“a great time in amish country”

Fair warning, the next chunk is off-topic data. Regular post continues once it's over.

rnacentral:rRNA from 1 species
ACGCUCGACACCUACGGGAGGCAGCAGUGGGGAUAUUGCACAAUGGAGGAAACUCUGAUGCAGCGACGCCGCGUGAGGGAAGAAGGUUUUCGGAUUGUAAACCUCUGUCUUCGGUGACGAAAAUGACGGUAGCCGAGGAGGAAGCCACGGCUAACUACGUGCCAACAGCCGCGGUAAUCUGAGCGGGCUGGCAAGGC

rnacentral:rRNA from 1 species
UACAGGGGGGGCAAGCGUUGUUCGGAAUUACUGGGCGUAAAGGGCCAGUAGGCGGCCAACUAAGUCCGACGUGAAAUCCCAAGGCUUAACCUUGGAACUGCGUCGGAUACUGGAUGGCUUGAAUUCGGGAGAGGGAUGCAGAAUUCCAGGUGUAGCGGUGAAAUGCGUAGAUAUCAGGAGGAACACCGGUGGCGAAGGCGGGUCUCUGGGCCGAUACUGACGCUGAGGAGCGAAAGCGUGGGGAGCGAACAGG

Situated on a property that dates back to the days of Pennsylvania's founder William Penn, our farm was given from Penn to colonial Governor John Evans in 1715. At the time, this area was part of Pennsylvania's undeveloped wilderness, which saw the first Europeans settle here less than 5 years before (c. 1710). When the Lancaster-Philadelphia Turnpike was built in 1792 (now the Lincoln Highway/Route 30), it brought major changes to this part of Lancaster County. The Lancaster-Philadelphia Turnpike, which passed directly in front of our farm, was the first paved road in the United States and therefore, the primary road between Lancaster and Philadelphia. The new pavement proved itself successful as traffic increased and businesses began to sprout along its 62-mile path towards Philadelphia. Conestoga Wagons filled with cargo from Philadelphia and merchandise from Lancaster were familiar scenes. Business people and homeowners alike clamored to be located near the turnpike. It became quite desireable and fashionable to live along the first paved road. The original settlers' log structures and early homes, built with local timber, soon proved to be inadequate for the growing families or for the status the occupants desired. Those early homes were soon replaced with larger and much stronger stone buildings. Large stone houses and barns once were a common site in this part of Lancaster County. It is in this climate that Isaac and Mary Evans--descendents of the original Evans family--began constrution on the current farmhouse in 1805. Believed to have been built as a wedding gift, the limestone they used was quarried on the property. In 1803, construction was completed on the uniquely Pennsylvania German limestone bank barn. Through the next 150 years, the property changed hands, but all its residents--Quakers, Mennonites and Amish--operated this farm as a quintesential Pennsylvania German farm. They grew typical crops of this area and raised traditional farm animals, including a bull named Bobby (seen above c. 1920s). After nearly 7 generations as a home, the house would serve another purpose. It would serve as the first tourist attraction in Lancaster County and opened Lancaster County to the world!
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